'Isle of Dogs' highlights stop-action puppet animation and resourceful canines
- Written by Diane Carson
Writer/director Wes Anderson has a flair for combining quirky stories with imaginative stylistic choices. Consider "The Grand Budapest Hotel," "Moonrise Kingdom," and "Fantastic Mr. Fox," a stop action, animated film. Following in that vein, "Isle of Dogs" uses stop-action, puppet animation, again giving animals a voice in a radioactive, dystopian environment with clear parallels to contemporary ills.
Through a prologue and subsequent chapters, we enter the fictional Japanese city of Megasaki twenty years in the future as Mayor Kobayashi (Kunichi Nomura) exiles dogs to the accurately named Trash Island where they fight each other for survival. Tyrannized for ten centuries, the dogs suffer from an incurable snout fever and flu. The mayor's twelve-year-old nephew Atari, identified as "The Boy Samurai," travels in a rickety plane to Trash Island searching for his beloved "short-haired, oceanic speckle-eared sport hound" Spots. The four pack dogs--Rex, King, Duke, and Boss--plus the undomesticated canine Chief aid Atari, once they amusingly decide whether they're eating him or on a rescue mission. As the group seeks Spots, adventures follow with the Mayor sending robots and soldiers to capture Atari.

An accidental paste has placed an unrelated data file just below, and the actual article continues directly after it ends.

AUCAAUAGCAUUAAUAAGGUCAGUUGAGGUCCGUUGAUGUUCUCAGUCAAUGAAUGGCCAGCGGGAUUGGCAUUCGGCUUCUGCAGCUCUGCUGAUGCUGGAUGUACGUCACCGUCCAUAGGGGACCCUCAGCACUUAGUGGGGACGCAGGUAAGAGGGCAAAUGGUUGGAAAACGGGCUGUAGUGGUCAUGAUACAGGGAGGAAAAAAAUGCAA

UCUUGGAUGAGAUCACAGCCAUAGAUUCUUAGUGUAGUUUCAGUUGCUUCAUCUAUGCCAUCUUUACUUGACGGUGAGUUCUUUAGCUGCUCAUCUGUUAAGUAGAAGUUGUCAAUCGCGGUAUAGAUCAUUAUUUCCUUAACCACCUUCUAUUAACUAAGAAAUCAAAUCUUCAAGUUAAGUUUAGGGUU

Episodic scenes benefit from exquisite design and clever exchanges, though several depictions are sad--dogs caged, hungry, even starving, and fighting. In other words, assess carefully before taking young children. The canine puppets' personalities do come to expressive life because of excellent voice talent: Edward Norton, Bill Murray, Jeff Goldblum, Scarlett Johansson, Bryan Cranston, Liev Schreiber, Greta Gerwig, Yoko Ono, Tilda Swinton, and more.
Cinematographer Tristan Oliver composes with superb, imaginative angles while production designers Adam Stockhausen and Paul Harrod include a wealth of cultural details. But while dog talk is in English, most of the Japanese is not translated nor are references explored for sumo wrestling, Kabuki theater, taiko drumming, classic paintings and films, notably those of iconic directors Akira Kurosawa. No, this isn't an educational documentary, but let's mine the content further given the Japanese setting. And must "Isle" insert an admirable American exchange student? Reservations noted, all dog lovers will applaud these resourceful canines and the affirmation of their importance in our lives.